We’ve heard so many rumors about what they are planning to do to us. All I know is, I won’t wait around to find out, because I can’t stand the dogs. 

Griselda has a cousin down the coast who got rounded up and kept in a holding pen for a while, until some human came and took her to a little farm with a pond. Griselda’s cousin says she likes it there, but I’m thinking, a farm? Doesn’t sound like a safe place to me. 

They’re after us because we shit too much. They meet for hours to talk about our dung: how slippery it is, how green and smelly, and how we leave it in all the wrong places.

We can’t help any of that.

There was a rally in my park last month. A man with a bullhorn was shouting things like, “One ten-pound goose produces up to three pounds of excrement per day. This creates unsanitary conditions in our water, on our shores, and in our parks!”

Someone in the crowd shook his fist and screamed, “Yeah, and on my sidewalk!”

A woman in red shorts yelled, “So what? If I shit on your driveway, are you going to kill me, too?” 

The man with the bullhorn got going again. “There are twenty-six thousand in the Seattle area. If we reduce their population by fifteen percent, we’ll reduce the total volume of droppings by nearly four million pounds.”

“How many geese is fifteen percent?” asked a bearded man with a notebook.

“Thirty-five hundred,” the bullhorn blared. 

The bearded man wrote this down. Then all of the humans started yelling at once, so I got out of there.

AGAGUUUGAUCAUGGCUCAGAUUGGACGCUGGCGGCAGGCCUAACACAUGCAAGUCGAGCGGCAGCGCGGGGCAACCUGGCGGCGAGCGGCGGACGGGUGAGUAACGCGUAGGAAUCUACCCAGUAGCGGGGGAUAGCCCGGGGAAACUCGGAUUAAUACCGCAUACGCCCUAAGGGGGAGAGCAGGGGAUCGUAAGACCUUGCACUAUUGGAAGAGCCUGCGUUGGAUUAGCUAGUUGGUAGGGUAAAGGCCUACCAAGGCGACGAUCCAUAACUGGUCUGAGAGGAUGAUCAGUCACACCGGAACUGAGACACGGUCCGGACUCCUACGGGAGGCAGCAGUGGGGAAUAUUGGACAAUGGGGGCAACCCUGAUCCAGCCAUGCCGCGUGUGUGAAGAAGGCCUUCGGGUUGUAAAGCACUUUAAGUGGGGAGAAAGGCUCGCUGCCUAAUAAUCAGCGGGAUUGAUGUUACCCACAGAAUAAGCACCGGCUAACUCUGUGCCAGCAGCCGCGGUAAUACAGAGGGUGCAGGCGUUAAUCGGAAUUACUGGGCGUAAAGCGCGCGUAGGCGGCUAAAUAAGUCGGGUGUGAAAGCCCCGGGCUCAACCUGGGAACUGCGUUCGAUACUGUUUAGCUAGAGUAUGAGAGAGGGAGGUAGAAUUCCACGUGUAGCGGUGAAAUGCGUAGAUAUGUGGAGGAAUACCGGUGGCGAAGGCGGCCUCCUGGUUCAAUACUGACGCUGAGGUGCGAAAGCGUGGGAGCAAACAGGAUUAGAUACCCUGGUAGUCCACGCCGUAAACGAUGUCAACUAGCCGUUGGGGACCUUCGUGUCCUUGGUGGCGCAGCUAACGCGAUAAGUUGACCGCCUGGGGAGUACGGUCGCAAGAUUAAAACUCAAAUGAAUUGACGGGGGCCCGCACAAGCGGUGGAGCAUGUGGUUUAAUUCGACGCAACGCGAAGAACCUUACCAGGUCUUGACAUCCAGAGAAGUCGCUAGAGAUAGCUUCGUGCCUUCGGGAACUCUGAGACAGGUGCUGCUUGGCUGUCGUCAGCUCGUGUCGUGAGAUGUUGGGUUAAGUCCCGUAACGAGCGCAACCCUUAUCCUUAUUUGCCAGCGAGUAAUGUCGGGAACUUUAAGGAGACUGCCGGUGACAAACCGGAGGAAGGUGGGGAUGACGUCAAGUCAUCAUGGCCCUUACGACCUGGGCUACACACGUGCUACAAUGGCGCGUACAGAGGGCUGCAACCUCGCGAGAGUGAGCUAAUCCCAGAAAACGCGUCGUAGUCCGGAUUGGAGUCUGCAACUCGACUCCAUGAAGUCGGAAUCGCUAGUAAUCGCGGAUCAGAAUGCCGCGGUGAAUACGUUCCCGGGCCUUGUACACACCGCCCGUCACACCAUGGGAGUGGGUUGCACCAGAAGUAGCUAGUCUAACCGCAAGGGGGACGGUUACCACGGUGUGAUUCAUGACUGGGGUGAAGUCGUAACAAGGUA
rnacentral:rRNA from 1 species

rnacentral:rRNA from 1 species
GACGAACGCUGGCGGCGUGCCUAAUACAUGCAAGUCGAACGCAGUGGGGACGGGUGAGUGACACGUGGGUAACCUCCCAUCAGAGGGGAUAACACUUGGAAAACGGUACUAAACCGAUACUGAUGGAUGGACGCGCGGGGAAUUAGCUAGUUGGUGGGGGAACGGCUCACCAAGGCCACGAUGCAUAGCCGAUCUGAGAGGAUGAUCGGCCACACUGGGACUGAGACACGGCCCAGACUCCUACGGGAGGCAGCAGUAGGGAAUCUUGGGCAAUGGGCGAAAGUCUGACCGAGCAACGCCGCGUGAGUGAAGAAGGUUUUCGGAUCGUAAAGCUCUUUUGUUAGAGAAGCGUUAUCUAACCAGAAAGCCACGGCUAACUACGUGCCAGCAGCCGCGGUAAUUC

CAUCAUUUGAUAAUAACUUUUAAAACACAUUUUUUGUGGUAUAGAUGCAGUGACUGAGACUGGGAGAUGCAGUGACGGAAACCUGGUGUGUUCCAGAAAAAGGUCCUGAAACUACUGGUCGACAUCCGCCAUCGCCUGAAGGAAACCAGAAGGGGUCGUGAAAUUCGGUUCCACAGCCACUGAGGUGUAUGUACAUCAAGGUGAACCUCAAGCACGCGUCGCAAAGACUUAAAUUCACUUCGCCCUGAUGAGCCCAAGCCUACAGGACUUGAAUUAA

They’ve been doing things to our eggs. Griselda says that a friend of hers found a human shaking her eggs a few months ago. Her friend took a bite out of his thigh, but it didn’t do any good—none of the eggs ever hatched. I wouldn’t lay any more, if I could help it, but this is one of those things I can’t control.

I keep telling everyone we should migrate soon, but nobody else wants to go. They say the humans are noisy and slow, that we can always fly out at the last minute if we have to. And it’s true that we can always hear their dogs from a mile off.

But, still. 

Last week there were people in my park waving signs that said “Gas the geese!” Pretty soon some other people came and yelled at those people. There was some shoving, and then one of those cars with the whirling lights drove up and everyone left.

The next day a white van rolled in and two men got out of it. There weren’t any dogs. The men scattered chunks of bread around on the grass and stood there, smoking cigarettes, pretending not to watch us. I didn’t eat the bread, but lots of other geese did, and they all fell asleep. The men piled the sleeping geese into the van and drove away.

I hope they were taking them to that farm where Griselda’s cousin lives.

This morning I walked down to the pond, and I heard a woman tell her friend that I was a lovely bird. 

“Yes,” her friend said. “I can enjoy them now that there aren’t so many. No more dung in the wheels of my baby’s stroller.”

It’s been pretty quiet around here for the last few days. I hope my friends didn’t migrate without me. But I know Griselda would never do that.

I wonder where Griselda is.

[Forever after at


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